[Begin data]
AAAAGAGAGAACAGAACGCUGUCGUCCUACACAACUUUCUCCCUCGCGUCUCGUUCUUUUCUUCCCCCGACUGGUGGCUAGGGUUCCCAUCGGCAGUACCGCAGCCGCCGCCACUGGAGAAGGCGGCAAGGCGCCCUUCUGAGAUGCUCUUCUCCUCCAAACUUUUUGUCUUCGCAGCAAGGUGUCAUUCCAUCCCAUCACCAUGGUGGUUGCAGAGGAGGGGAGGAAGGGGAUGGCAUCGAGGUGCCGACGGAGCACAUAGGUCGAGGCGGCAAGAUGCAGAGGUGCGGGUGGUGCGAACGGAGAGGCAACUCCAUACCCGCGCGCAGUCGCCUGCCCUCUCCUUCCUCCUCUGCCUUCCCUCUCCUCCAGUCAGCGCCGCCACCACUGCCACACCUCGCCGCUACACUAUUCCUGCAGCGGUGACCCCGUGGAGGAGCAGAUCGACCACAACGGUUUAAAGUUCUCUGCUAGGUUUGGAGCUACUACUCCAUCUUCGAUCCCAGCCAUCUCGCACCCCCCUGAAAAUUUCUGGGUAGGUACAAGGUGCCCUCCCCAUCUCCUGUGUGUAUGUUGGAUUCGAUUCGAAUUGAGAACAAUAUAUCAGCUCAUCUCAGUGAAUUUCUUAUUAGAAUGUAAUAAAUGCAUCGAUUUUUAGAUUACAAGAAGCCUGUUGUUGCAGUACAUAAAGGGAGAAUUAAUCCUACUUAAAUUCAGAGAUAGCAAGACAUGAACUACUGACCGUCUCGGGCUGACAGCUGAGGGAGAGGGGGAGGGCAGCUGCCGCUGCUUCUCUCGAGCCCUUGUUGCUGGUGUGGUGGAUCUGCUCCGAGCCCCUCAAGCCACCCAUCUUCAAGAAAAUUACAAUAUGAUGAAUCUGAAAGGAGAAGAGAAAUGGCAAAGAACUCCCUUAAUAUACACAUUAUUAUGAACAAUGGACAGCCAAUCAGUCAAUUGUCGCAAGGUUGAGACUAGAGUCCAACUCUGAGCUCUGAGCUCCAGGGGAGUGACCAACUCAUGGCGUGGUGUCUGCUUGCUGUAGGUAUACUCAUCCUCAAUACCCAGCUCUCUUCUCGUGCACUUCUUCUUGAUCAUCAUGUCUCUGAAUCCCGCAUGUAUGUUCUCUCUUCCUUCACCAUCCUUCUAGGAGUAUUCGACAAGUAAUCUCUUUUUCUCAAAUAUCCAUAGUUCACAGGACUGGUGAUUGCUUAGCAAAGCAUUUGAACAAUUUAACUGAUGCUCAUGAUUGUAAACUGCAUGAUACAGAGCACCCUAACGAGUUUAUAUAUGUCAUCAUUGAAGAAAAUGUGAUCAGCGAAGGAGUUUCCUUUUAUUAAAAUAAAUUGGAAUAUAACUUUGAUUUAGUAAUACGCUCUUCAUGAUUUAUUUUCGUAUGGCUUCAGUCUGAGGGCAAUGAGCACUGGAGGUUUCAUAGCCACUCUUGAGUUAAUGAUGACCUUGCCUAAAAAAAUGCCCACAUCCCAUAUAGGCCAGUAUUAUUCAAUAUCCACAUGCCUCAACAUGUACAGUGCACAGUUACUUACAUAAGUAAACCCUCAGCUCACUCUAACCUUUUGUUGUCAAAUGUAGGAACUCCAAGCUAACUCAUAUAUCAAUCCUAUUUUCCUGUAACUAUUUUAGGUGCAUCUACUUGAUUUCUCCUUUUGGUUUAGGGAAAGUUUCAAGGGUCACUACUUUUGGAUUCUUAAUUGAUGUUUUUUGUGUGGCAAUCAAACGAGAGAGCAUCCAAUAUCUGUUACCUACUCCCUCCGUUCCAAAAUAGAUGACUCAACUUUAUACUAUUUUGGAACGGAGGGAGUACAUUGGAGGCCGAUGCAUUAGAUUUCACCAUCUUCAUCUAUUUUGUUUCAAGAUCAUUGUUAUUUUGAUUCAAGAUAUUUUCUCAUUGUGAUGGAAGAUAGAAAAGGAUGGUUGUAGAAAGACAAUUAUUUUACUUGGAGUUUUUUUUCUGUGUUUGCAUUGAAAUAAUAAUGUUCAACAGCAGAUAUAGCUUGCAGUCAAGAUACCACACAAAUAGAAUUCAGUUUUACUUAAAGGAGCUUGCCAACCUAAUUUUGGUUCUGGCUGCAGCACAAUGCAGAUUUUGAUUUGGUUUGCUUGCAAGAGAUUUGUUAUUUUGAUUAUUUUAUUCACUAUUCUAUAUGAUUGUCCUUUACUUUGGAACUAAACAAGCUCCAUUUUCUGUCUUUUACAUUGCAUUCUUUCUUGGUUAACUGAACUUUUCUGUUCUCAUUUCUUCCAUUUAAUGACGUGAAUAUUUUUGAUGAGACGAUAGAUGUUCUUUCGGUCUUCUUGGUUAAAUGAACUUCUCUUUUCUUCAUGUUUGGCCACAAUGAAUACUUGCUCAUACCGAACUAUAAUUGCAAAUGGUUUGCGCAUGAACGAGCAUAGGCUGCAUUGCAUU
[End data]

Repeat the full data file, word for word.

AAAAGAGAGAACAGAACGCUGUCGUCCUACACAACUUUCUCCCUCGCGUCUCGUUCUUUUCUUCCCCCGACUGGUGGCUAGGGUUCCCAUCGGCAGUACCGCAGCCGCCGCCACUGGAGAAGGCGGCAAGGCGCCCUUCUGAGAUGCUCUUCUCCUCCAAACUUUUUGUCUUCGCAGCAAGGUGUCAUUCCAUCCCAUCACCAUGGUGGUUGCAGAGGAGGGGAGGAAGGGGAUGGCAUCGAGGUGCCGACGGAGCACAUAGGUCGAGGCGGCAAGAUGCAGAGGUGCGGGUGGUGCGAACGGAGAGGCAACUCCAUACCCGCGCGCAGUCGCCUGCCCUCUCCUUCCUCCUCUGCCUUCCCUCUCCUCCAGUCAGCGCCGCCACCACUGCCACACCUCGCCGCUACACUAUUCCUGCAGCGGUGACCCCGUGGAGGAGCAGAUCGACCACAACGGUUUAAAGUUCUCUGCUAGGUUUGGAGCUACUACUCCAUCUUCGAUCCCAGCCAUCUCGCACCCCCCUGAAAAUUUCUGGGUAGGUACAAGGUGCCCUCCCCAUCUCCUGUGUGUAUGUUGGAUUCGAUUCGAAUUGAGAACAAUAUAUCAGCUCAUCUCAGUGAAUUUCUUAUUAGAAUGUAAUAAAUGCAUCGAUUUUUAGAUUACAAGAAGCCUGUUGUUGCAGUACAUAAAGGGAGAAUUAAUCCUACUUAAAUUCAGAGAUAGCAAGACAUGAACUACUGACCGUCUCGGGCUGACAGCUGAGGGAGAGGGGGAGGGCAGCUGCCGCUGCUUCUCUCGAGCCCUUGUUGCUGGUGUGGUGGAUCUGCUCCGAGCCCCUCAAGCCACCCAUCUUCAAGAAAAUUACAAUAUGAUGAAUCUGAAAGGAGAAGAGAAAUGGCAAAGAACUCCCUUAAUAUACACAUUAUUAUGAACAAUGGACAGCCAAUCAGUCAAUUGUCGCAAGGUUGAGACUAGAGUCCAACUCUGAGCUCUGAGCUCCAGGGGAGUGACCAACUCAUGGCGUGGUGUCUGCUUGCUGUAGGUAUACUCAUCCUCAAUACCCAGCUCUCUUCUCGUGCACUUCUUCUUGAUCAUCAUGUCUCUGAAUCCCGCAUGUAUGUUCUCUCUUCCUUCACCAUCCUUCUAGGAGUAUUCGACAAGUAAUCUCUUUUUCUCAAAUAUCCAUAGUUCACAGGACUGGUGAUUGCUUAGCAAAGCAUUUGAACAAUUUAACUGAUGCUCAUGAUUGUAAACUGCAUGAUACAGAGCACCCUAACGAGUUUAUAUAUGUCAUCAUUGAAGAAAAUGUGAUCAGCGAAGGAGUUUCCUUUUAUUAAAAUAAAUUGGAAUAUAACUUUGAUUUAGUAAUACGCUCUUCAUGAUUUAUUUUCGUAUGGCUUCAGUCUGAGGGCAAUGAGCACUGGAGGUUUCAUAGCCACUCUUGAGUUAAUGAUGACCUUGCCUAAAAAAAUGCCCACAUCCCAUAUAGGCCAGUAUUAUUCAAUAUCCACAUGCCUCAACAUGUACAGUGCACAGUUACUUACAUAAGUAAACCCUCAGCUCACUCUAACCUUUUGUUGUCAAAUGUAGGAACUCCAAGCUAACUCAUAUAUCAAUCCUAUUUUCCUGUAACUAUUUUAGGUGCAUCUACUUGAUUUCUCCUUUUGGUUUAGGGAAAGUUUCAAGGGUCACUACUUUUGGAUUCUUAAUUGAUGUUUUUUGUGUGGCAAUCAAACGAGAGAGCAUCCAAUAUCUGUUACCUACUCCCUCCGUUCCAAAAUAGAUGACUCAACUUUAUACUAUUUUGGAACGGAGGGAGUACAUUGGAGGCCGAUGCAUUAGAUUUCACCAUCUUCAUCUAUUUUGUUUCAAGAUCAUUGUUAUUUUGAUUCAAGAUAUUUUCUCAUUGUGAUGGAAGAUAGAAAAGGAUGGUUGUAGAAAGACAAUUAUUUUACUUGGAGUUUUUUUUCUGUGUUUGCAUUGAAAUAAUAAUGUUCAACAGCAGAUAUAGCUUGCAGUCAAGAUACCACACAAAUAGAAUUCAGUUUUACUUAAAGGAGCUUGCCAACCUAAUUUUGGUUCUGGCUGCAGCACAAUGCAGAUUUUGAUUUGGUUUGCUUGCAAGAGAUUUGUUAUUUUGAUUAUUUUAUUCACUAUUCUAUAUGAUUGUCCUUUACUUUGGAACUAAACAAGCUCCAUUUUCUGUCUUUUACAUUGCAUUCUUUCUUGGUUAACUGAACUUUUCUGUUCUCAUUUCUUCCAUUUAAUGACGUGAAUAUUUUUGAUGAGACGAUAGAUGUUCUUUCGGUCUUCUUGGUUAAAUGAACUUCUCUUUUCUUCAUGUUUGGCCACAAUGAAUACUUGCUCAUACCGAACUAUAAUUGCAAAUGGUUUGCGCAUGAACGAGCAUAGGCUGCAUUGCAUU